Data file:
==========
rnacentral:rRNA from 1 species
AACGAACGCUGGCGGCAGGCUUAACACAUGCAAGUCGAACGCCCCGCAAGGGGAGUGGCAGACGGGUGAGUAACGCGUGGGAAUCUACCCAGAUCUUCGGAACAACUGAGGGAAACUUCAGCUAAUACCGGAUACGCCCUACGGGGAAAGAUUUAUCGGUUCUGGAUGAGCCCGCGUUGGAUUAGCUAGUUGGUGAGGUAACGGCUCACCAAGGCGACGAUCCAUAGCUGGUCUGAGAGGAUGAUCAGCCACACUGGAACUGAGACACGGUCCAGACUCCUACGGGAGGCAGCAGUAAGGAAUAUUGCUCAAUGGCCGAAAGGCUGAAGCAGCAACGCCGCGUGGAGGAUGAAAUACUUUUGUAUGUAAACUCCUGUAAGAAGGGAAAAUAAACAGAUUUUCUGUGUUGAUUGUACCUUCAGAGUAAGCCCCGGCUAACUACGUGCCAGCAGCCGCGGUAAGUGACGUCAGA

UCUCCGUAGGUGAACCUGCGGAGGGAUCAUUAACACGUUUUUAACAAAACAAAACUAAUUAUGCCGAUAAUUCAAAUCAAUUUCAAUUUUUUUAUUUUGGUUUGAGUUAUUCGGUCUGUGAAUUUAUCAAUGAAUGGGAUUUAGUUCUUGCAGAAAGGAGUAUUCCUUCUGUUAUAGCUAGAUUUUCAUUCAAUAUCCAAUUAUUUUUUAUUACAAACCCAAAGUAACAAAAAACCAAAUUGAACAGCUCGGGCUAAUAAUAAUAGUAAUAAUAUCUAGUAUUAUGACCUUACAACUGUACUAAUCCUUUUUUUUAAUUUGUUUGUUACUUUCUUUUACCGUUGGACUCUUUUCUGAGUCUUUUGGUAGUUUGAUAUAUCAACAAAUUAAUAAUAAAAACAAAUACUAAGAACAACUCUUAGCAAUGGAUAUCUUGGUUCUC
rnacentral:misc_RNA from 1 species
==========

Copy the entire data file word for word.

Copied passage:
rnacentral:rRNA from 1 species
AACGAACGCUGGCGGCAGGCUUAACACAUGCAAGUCGAACGCCCCGCAAGGGGAGUGGCAGACGGGUGAGUAACGCGUGGGAAUCUACCCAGAUCUUCGGAACAACUGAGGGAAACUUCAGCUAAUACCGGAUACGCCCUACGGGGAAAGAUUUAUCGGUUCUGGAUGAGCCCGCGUUGGAUUAGCUAGUUGGUGAGGUAACGGCUCACCAAGGCGACGAUCCAUAGCUGGUCUGAGAGGAUGAUCAGCCACACUGGAACUGAGACACGGUCCAGACUCCUACGGGAGGCAGCAGUAAGGAAUAUUGCUCAAUGGCCGAAAGGCUGAAGCAGCAACGCCGCGUGGAGGAUGAAAUACUUUUGUAUGUAAACUCCUGUAAGAAGGGAAAAUAAACAGAUUUUCUGUGUUGAUUGUACCUUCAGAGUAAGCCCCGGCUAACUACGUGCCAGCAGCCGCGGUAAGUGACGUCAGA

UCUCCGUAGGUGAACCUGCGGAGGGAUCAUUAACACGUUUUUAACAAAACAAAACUAAUUAUGCCGAUAAUUCAAAUCAAUUUCAAUUUUUUUAUUUUGGUUUGAGUUAUUCGGUCUGUGAAUUUAUCAAUGAAUGGGAUUUAGUUCUUGCAGAAAGGAGUAUUCCUUCUGUUAUAGCUAGAUUUUCAUUCAAUAUCCAAUUAUUUUUUAUUACAAACCCAAAGUAACAAAAAACCAAAUUGAACAGCUCGGGCUAAUAAUAAUAGUAAUAAUAUCUAGUAUUAUGACCUUACAACUGUACUAAUCCUUUUUUUUAAUUUGUUUGUUACUUUCUUUUACCGUUGGACUCUUUUCUGAGUCUUUUGGUAGUUUGAUAUAUCAACAAAUUAAUAAUAAAAACAAAUACUAAGAACAACUCUUAGCAAUGGAUAUCUUGGUUCUC
rnacentral:misc_RNA from 1 species